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Thanksgiving – A Time For Attitude, Platitudes, Or Gratitude?

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Thanksgiving – A Time For Attitude, Platitudes, Or Gratitude?

As you gather around the table on Turkey Day, you may be asked to name one thing for which you are grateful. Have you thought what your answer might be this year? The way you answer that question depends on your state of mind. Think carefully as you determine what kind of house guest you’re going to be…and what this portends for the year ahead. Will you answer with attitude, platitudes or gratitude?

Attitude:

Do you resent having to get dressed up to attend a dinner filled with people you may or may not like? Do you dread the chitter-chatter and small talk… a “talent” you’ve not yet mastered, nor want to? Do you fully expect to be miserable, to overeat, and to be bored stiff by people you only see once a year? Then, guess what? Your Thanksgiving Day will be miserable and your prophecy of doom and gloom will be fulfilled.

Platitudes:

If you think that “T” Day is fraught with hypocrisy, revisionist history, pompous friends, and bombastic relatives who spew their disdain for everything from rigged football games to lying, thieving politicians, then, perhaps you plan to approach the alleged feast with a defensive strategy. With tongue firmly against cheek, you entertain yourself by projecting a sarcastic and arrogant persona.

When asked the critical question of what YOU are grateful for, you can astound and amaze your fellow Thanksgiviens with platitudes that are customized to fit their political points of view: “I’m thankful for world peace” (wink wink). “I’m grateful that this bird is organic and was only grain-fed (to your meat and potatoes family members). “I’m grateful that we haven’t been nuked by our less affluent friends in Iran and North Korea. They all just need a big hug” (to the college students in your family). “I’m grateful that the Native Americans have forgiven our intrusion into their country and are now benefiting from capitalism with their casino empires” (to your politically correct crowd). Or, the coup de grace, and what you really want to say: “I’m grateful that Thanksgiving only comes ’round once a year.”

Gratitude:

For those of you who are less cynical and are truly grateful to be with family and friends, this day should be a glorious one for you.

This has been a harsh year for many people: high unemployment, two ongoing wars, an ever-increasing national debt, several flu epidemics, and the usual trials and tribulations of daily life – violence, death, poverty, depression, addictions, and natural disasters, to name a few.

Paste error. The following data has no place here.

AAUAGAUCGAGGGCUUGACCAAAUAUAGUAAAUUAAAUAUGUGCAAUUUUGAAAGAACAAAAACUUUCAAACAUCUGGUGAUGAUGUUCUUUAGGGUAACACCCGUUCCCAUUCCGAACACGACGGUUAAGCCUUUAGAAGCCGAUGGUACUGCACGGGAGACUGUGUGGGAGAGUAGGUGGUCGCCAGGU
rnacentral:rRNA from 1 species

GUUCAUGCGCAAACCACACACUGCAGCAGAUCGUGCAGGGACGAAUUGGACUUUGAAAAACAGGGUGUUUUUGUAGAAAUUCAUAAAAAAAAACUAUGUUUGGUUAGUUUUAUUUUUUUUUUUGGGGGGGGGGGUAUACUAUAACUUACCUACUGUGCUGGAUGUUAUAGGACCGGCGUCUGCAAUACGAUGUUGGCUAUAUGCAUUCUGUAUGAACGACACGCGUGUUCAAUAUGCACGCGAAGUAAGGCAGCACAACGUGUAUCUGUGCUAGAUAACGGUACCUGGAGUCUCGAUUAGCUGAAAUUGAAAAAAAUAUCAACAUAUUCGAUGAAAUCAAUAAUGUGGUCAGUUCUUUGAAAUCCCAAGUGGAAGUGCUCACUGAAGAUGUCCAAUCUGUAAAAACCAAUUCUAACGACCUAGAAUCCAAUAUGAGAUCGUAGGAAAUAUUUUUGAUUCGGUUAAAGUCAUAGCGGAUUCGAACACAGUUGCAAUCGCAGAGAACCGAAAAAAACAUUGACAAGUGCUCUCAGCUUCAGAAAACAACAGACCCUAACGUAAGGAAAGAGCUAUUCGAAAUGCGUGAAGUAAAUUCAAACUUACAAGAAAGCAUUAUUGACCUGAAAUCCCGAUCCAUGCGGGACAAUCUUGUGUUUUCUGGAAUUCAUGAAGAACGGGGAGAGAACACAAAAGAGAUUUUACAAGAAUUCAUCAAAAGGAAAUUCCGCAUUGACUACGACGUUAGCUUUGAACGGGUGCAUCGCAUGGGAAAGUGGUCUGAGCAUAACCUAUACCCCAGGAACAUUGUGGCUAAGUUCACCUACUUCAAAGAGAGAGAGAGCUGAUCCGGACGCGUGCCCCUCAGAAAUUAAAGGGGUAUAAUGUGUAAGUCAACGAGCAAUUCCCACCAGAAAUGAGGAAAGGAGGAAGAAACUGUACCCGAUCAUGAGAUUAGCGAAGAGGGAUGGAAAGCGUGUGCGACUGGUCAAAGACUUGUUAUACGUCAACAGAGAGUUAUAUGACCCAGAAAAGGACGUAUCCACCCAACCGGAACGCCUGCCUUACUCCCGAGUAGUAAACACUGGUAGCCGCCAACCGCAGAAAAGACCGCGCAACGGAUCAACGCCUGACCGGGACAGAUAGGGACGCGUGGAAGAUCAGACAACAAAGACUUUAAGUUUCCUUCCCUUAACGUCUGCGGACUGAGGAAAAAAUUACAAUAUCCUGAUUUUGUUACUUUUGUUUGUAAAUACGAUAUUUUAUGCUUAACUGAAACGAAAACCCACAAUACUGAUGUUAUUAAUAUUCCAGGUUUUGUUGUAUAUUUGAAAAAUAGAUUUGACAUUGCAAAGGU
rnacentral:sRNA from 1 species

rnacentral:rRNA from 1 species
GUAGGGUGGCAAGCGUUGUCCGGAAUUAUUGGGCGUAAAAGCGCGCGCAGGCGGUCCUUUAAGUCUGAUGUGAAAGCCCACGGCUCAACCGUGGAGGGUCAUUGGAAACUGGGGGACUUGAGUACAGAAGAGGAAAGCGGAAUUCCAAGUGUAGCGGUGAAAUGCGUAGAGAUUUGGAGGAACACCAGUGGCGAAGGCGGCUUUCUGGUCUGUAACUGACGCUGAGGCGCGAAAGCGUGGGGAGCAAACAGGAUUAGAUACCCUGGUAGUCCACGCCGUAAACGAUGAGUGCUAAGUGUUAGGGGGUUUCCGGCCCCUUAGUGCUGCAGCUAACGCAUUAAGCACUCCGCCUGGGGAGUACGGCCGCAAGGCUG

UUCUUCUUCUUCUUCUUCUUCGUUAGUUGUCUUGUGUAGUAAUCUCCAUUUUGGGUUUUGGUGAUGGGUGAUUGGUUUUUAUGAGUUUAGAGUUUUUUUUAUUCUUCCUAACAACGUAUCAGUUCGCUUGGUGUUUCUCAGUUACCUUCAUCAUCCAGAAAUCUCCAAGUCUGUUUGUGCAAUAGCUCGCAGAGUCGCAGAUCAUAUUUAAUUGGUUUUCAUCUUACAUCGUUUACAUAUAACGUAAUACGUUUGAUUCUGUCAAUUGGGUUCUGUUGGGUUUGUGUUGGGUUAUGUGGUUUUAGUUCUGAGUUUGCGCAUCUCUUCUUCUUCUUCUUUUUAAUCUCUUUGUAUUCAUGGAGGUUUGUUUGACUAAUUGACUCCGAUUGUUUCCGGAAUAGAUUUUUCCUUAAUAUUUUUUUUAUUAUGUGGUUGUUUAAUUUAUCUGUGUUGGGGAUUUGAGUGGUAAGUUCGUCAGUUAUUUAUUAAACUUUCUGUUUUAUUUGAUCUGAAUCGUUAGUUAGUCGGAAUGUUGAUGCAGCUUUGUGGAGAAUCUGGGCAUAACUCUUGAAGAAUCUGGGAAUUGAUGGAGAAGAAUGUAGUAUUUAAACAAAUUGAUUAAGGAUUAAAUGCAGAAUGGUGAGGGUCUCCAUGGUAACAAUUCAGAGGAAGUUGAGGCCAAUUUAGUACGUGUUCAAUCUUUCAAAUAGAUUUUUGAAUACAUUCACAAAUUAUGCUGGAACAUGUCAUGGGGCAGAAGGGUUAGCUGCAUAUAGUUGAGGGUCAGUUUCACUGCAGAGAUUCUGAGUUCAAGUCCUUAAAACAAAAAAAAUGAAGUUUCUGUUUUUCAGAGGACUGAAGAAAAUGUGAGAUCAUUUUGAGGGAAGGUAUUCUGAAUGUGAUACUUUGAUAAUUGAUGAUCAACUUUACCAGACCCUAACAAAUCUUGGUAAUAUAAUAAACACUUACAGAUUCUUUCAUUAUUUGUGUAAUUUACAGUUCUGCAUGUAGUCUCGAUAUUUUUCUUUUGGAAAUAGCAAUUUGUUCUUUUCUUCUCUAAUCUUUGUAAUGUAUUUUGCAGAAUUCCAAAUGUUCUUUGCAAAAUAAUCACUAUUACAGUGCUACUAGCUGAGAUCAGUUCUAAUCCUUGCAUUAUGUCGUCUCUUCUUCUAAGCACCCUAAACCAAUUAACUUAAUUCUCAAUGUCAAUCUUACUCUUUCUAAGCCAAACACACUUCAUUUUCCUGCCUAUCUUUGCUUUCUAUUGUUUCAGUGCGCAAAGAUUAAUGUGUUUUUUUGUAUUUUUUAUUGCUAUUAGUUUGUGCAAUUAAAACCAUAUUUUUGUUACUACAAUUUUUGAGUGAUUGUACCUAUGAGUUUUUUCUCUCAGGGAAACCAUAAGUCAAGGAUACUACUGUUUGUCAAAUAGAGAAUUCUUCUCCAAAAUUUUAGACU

Take a hard look at your life and compare it to those who make the 11 o’clock news. How does your life rank when you see the tragedies of others, day in and day out? Give yourself 10 points each time you answer the following questions in the affirmative.

  1. Do you have a roof over your head? (10 points)
  2. Do you have food in your refrigerator or access to food? (10 points)
  3. Do you have clothes on your back? (10 points)
  4. Can you breathe and walk without assistance? (10 points)
  5. Can you see the sun set and rise each day? (10 points)
  6. Can you hear the sound of a baby cry or the raindrops on your roof? (10 points)
  7. Can you feel the cool, brisk wind on your face? (10 points)
  8. Can you remember your first kiss, your first love, or your first car? (10 points)
  9. Can you taste the difference between cranberry sauce and pumpkin pie? (10 points)
  10. Do you love someone who returns the feeling? (10 points)

If you scored 60 points or better, then you are better off than 90% of the people in this world. You have much to be grateful for. If all (or most) of your senses work, if your brain still functions, if you are still alive and have someone who loves you, then you are way ahead of the game. You can still have dreams and goals. You can aspire to build a better life. You should truly be grateful, not just on Thanksgiving, but on every single day of your life.

Deborah L. Bishop is a professional writer and business woman with a wonderfully diverse background. Her goal is to provide people with unique coping strategies and techniques. Deborah will not only show you how to rewrite your personal history, but will give you the necessary tools for leading a more fulfilling and successful life. Visit her site at http://time-outformoms.com to access her free report, “The Secret Weapon That Combats Fear and Stress.”

Article Source: http://EzineArticles.com/?expert=Deborah_L._Bishop
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About Yury Zvyagolskiy

Yury Zvyagolskiy
In almost all American movies there is a bad guy who is usually Russian and his name is Yury. If the bad guy is not from Russia, his last name usually starts with Z. So here I am - Yury Z. My specialty is personal effectiveness. I am an expert in goal achievement, personal effectiveness, relationships and effective thinking.

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